The last of my garden

I sent Steve out to the garden with a flashlight, a trowel, and a bucket one cold night back in November, so that he could dig up the last of our carrots before the impending hard frost.  I used some of them right away and the rest I left, unwashed, in a plastic bag in the back of the 'fridge.  They finally got put to use last night.  I desperately needed to clean out the freezer and had two chicken carcasses taking up space.  So they joined the carrots along with some past-prime celery and onion to make some yummy chicken stock.  Everything just went together into a big pot, which I then filled with cold water until all was submerged. I put it over low heat (just high enough so you see a bubble come up every now and again--I'm told that if you let if actually come to a boil you'll end up with cloudy stock) and let 'er go for five or so hours.  Then I strained out all the solids.  The veggies went into the compost and the chicken carcasses I picked clean, coming away with enough shredded chicken to make enchilladas for two.  This is what I ended up with:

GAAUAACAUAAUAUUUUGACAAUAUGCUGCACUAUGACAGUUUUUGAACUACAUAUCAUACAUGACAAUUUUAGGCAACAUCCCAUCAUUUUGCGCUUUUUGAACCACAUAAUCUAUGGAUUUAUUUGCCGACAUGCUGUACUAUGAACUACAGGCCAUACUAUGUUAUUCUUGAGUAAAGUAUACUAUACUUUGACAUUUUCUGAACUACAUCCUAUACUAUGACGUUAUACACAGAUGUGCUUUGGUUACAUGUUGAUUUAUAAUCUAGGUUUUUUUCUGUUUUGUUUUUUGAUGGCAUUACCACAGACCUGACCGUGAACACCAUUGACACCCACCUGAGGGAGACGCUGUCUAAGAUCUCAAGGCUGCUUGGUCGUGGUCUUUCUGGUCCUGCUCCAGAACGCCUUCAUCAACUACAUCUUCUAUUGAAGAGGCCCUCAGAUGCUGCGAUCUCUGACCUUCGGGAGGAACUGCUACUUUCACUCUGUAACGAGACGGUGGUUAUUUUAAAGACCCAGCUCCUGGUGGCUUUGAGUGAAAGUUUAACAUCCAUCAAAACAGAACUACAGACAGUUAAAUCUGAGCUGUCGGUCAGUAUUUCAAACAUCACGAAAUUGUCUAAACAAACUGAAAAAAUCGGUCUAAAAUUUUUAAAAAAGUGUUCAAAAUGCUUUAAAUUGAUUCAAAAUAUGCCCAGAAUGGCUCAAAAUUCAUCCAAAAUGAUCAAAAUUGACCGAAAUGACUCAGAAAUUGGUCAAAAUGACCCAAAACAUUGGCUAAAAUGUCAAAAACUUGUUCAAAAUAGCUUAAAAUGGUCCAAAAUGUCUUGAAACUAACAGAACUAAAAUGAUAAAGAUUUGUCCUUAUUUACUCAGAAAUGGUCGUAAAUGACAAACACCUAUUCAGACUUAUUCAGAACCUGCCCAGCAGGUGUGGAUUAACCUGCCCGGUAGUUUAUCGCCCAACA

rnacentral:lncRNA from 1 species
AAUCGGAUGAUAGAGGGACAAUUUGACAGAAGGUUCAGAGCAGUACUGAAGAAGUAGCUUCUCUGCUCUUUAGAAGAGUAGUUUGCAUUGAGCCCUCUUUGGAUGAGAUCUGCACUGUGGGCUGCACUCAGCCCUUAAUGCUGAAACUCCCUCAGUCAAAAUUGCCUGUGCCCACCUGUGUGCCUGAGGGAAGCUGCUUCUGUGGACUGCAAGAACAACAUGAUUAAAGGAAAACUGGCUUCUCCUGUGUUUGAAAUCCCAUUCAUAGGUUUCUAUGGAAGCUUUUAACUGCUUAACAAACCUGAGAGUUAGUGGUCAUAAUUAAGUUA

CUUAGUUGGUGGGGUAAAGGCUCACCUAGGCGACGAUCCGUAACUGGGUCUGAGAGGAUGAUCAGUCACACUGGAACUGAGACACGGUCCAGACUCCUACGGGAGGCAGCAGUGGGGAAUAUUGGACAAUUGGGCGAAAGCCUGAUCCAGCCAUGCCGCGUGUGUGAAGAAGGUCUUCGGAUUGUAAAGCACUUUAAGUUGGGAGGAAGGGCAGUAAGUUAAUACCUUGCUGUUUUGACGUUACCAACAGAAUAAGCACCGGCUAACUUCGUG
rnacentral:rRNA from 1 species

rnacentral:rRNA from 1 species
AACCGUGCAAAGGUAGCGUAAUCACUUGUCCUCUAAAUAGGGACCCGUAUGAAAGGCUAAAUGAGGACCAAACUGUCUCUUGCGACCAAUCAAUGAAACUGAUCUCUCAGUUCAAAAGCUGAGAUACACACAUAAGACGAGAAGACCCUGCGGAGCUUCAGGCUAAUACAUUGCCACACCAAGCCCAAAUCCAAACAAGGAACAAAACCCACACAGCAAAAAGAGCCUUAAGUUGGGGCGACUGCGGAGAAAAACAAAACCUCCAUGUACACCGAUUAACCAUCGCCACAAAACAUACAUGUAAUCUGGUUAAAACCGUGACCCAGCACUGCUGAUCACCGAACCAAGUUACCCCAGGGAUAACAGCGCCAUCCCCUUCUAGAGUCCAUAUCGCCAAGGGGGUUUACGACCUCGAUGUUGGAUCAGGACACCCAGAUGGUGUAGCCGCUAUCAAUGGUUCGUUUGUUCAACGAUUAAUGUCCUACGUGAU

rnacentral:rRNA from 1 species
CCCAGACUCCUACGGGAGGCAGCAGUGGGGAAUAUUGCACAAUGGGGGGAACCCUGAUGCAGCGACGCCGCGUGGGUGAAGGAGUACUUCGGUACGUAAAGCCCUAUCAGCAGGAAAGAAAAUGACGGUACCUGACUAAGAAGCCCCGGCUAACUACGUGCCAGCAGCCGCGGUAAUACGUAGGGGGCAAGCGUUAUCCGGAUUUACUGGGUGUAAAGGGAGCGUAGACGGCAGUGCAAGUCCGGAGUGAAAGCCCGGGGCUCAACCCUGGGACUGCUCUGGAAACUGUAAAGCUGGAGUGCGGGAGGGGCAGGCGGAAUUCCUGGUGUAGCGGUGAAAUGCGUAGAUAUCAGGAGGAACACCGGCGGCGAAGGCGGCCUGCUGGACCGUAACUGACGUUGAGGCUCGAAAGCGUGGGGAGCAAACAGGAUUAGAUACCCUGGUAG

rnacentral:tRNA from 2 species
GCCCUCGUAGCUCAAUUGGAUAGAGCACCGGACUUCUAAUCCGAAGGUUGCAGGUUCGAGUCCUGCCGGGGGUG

Twenty-seven cups of chicken stock that just went into my freezer.  I divided it into four, two, and one cup portions, since those are the incriments in which I usually need it.  Before dividing, you can skim off the fat if that's something that you worry about, but I don't bother.  And I could have (and probably should have) heated it longer and reduced it down further so that it would take up less room in my freezer.  All in all, it would cost me about $18 to buy this much organic free-range chicken stock in the store. I made it with stuff that would have either been composted or thrown away otherwise. A total win-win.

A note about the carrots. They're a little stumpy, aren't they?  They're Danvers and they're supposed to be on the short side, but I think this is a little excessive.  I have horrible soil.  My garden last summer consisted of about two inches of compost that I put over the clay that was already there.  I put down 3 tons of compost last summer and barely made a dent.  There's a long ways to go!

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